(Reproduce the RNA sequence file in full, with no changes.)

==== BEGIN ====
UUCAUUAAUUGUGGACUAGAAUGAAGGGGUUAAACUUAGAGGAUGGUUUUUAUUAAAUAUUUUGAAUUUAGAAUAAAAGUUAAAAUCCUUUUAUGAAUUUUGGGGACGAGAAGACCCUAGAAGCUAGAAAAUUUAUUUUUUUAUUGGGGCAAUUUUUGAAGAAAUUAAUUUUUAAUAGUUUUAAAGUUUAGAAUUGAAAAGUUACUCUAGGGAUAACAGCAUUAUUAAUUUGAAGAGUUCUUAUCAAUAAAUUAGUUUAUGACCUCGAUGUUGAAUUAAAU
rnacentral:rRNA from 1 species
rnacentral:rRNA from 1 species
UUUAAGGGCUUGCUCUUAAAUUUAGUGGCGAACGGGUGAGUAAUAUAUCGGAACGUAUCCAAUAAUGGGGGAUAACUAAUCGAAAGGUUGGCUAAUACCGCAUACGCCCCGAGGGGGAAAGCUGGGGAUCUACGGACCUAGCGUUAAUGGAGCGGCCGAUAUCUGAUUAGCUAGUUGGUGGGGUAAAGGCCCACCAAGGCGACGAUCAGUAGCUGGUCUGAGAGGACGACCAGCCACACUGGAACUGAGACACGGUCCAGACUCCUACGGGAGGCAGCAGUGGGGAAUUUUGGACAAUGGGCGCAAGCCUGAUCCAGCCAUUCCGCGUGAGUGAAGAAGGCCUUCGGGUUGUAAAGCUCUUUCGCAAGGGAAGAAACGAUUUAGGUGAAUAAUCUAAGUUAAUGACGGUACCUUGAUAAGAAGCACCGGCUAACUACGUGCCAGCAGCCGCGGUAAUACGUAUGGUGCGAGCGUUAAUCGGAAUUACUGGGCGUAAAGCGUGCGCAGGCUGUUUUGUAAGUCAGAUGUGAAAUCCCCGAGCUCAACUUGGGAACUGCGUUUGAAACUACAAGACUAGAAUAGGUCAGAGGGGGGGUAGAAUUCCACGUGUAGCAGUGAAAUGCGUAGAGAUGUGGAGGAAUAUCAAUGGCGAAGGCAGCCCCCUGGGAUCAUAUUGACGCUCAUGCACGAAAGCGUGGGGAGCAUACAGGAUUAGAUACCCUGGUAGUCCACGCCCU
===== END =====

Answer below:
UUCAUUAAUUGUGGACUAGAAUGAAGGGGUUAAACUUAGAGGAUGGUUUUUAUUAAAUAUUUUGAAUUUAGAAUAAAAGUUAAAAUCCUUUUAUGAAUUUUGGGGACGAGAAGACCCUAGAAGCUAGAAAAUUUAUUUUUUUAUUGGGGCAAUUUUUGAAGAAAUUAAUUUUUAAUAGUUUUAAAGUUUAGAAUUGAAAAGUUACUCUAGGGAUAACAGCAUUAUUAAUUUGAAGAGUUCUUAUCAAUAAAUUAGUUUAUGACCUCGAUGUUGAAUUAAAU
rnacentral:rRNA from 1 species
rnacentral:rRNA from 1 species
UUUAAGGGCUUGCUCUUAAAUUUAGUGGCGAACGGGUGAGUAAUAUAUCGGAACGUAUCCAAUAAUGGGGGAUAACUAAUCGAAAGGUUGGCUAAUACCGCAUACGCCCCGAGGGGGAAAGCUGGGGAUCUACGGACCUAGCGUUAAUGGAGCGGCCGAUAUCUGAUUAGCUAGUUGGUGGGGUAAAGGCCCACCAAGGCGACGAUCAGUAGCUGGUCUGAGAGGACGACCAGCCACACUGGAACUGAGACACGGUCCAGACUCCUACGGGAGGCAGCAGUGGGGAAUUUUGGACAAUGGGCGCAAGCCUGAUCCAGCCAUUCCGCGUGAGUGAAGAAGGCCUUCGGGUUGUAAAGCUCUUUCGCAAGGGAAGAAACGAUUUAGGUGAAUAAUCUAAGUUAAUGACGGUACCUUGAUAAGAAGCACCGGCUAACUACGUGCCAGCAGCCGCGGUAAUACGUAUGGUGCGAGCGUUAAUCGGAAUUACUGGGCGUAAAGCGUGCGCAGGCUGUUUUGUAAGUCAGAUGUGAAAUCCCCGAGCUCAACUUGGGAACUGCGUUUGAAACUACAAGACUAGAAUAGGUCAGAGGGGGGGUAGAAUUCCACGUGUAGCAGUGAAAUGCGUAGAGAUGUGGAGGAAUAUCAAUGGCGAAGGCAGCCCCCUGGGAUCAUAUUGACGCUCAUGCACGAAAGCGUGGGGAGCAUACAGGAUUAGAUACCCUGGUAGUCCACGCCCU